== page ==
He also told Fox News's Laura IngrahamLaura Anne IngrahamHillicon Valley: FCC chief proposes 0M telehealth program | Twitter takes down posts promoting anti-malaria drugs for coronavirus| Whole Foods workers plan Tuesday strike Twitter takes down posts promoting anti-malaria treatment for coronavirus Trump team fiercely debates how long coronavirus restrictions should stay in place MORE, in an interview set to air on Friday, that Soleimani was planning attacks against four embassies.
 
Trump's comments come after Democrats emerged from closed-door briefings on Capitol Hill on Wednesday unconvinced by the administration's argument that they were preventing an "imminent" threat by killing Soleimani — an act that brought the United States and Iran to the brink of war.
 
Pompeo backed up the president during a press conference on Friday, telling reporters that Soleimani was planning “large-scale” attacks on embassies, though he acknowledged that U.S. officials did not know the exact time or place of a potential attack.
 
He also said that they discussed with lawmakers an imminent threat to U.S. embassies, though he declined to go into detail on Friday about the conversation.
 
Sen. Bernie SandersBernie SandersOvernight Energy: Oil giants meet with Trump at White House | Interior extends tenure of controversial land management chief | Oil prices tick up on hopes of Russia-Saudi deal Oil giants meet at White House amid talk of buying strategic reserves The Hill's Campaign Report: Biden struggles to stay in the spotlight MORE (I-Vt.), who is running for president, said in a statement that the administration offered "no evidence" during the closed-door briefing with all senators that backed up their claim that Soleimani was killed to prevent an "imminent" threat.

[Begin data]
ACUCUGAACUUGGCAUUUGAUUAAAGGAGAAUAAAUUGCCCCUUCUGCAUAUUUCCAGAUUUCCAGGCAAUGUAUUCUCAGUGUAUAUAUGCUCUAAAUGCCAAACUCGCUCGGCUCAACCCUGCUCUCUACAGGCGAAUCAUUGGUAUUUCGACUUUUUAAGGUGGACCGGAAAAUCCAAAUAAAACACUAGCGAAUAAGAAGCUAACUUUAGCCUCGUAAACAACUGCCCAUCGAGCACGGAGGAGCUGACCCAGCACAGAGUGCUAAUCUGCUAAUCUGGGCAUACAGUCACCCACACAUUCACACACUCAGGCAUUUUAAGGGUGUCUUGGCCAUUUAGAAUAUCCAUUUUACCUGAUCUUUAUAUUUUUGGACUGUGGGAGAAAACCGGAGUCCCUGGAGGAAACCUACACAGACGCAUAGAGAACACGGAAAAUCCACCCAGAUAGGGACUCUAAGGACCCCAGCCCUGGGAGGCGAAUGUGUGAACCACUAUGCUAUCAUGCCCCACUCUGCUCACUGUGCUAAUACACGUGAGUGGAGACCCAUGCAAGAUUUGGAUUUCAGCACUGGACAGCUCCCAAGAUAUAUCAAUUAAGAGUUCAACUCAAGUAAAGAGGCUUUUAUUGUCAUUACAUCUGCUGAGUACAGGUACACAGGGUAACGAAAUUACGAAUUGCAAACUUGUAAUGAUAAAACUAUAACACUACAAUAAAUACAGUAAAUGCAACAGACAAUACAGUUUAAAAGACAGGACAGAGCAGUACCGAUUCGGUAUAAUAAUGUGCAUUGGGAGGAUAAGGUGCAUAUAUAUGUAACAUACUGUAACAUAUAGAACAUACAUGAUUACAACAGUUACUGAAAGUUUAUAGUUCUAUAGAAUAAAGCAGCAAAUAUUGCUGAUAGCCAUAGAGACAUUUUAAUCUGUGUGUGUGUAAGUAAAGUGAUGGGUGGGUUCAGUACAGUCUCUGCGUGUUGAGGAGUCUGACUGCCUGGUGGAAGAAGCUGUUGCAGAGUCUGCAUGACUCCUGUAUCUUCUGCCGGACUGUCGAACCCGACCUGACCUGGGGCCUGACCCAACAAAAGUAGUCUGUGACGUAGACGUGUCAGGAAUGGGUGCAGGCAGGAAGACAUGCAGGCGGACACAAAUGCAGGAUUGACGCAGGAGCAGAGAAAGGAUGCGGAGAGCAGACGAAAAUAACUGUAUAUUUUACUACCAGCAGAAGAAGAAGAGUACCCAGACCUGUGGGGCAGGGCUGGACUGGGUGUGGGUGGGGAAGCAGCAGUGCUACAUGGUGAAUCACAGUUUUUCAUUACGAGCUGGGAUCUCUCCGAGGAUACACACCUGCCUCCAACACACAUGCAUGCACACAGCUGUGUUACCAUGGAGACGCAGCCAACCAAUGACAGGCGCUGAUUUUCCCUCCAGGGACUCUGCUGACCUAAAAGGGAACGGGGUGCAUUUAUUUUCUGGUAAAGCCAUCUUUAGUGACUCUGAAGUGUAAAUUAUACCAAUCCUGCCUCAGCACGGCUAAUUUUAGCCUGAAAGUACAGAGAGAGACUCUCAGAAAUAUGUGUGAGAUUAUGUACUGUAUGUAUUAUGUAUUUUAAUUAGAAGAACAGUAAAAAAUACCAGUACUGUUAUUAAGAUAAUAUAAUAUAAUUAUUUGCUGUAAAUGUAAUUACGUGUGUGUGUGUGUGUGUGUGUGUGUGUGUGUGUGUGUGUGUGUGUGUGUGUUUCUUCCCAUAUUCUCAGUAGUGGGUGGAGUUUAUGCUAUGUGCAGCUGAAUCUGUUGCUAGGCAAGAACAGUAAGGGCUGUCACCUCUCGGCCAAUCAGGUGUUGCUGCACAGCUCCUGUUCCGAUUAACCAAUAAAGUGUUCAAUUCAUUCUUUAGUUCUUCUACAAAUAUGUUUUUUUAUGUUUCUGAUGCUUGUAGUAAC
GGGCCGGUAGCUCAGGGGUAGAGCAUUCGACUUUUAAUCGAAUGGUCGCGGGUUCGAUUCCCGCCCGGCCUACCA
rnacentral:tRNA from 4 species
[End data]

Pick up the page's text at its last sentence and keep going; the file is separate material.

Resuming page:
"Trump justified the assassination of Qassem Soleimani by claiming that it was necessary to prevent 'imminent' attacks on U.S. forces, but his administration has offered no evidence to back that claim up, even in a classified setting. Then he claimed that there were plans to attack U.S. embassies, again offering no evidence," Sanders said. 
 
Asked about Pompeo's comments, Sen. Bob MenendezRobert (Bob) MenendezHillicon Valley: Facebook launches portal for coronavirus information | EU sees spike in Russian misinformation on outbreak | Senate Dem bill would encourage mail-in voting | Lawmakers question safety of Google virus website Democratic senators press Google over privacy of coronavirus screening site Menendez calls for 'Marie Yovanovitch bill' to protect foreign service employees MORE (D-N.J.), the top Democrat on the Senate Foreign Relations Committee, also told CNN, "I can tell you he wasn’t at the same briefing that I was in."
 
"I don’t know what the secretary is talking about. I stayed for the whole briefing, even after I got to ask my questions," Menendez added. "I stayed there even as they left, because they abruptly ended the briefing. I didn’t hear then what he just said.”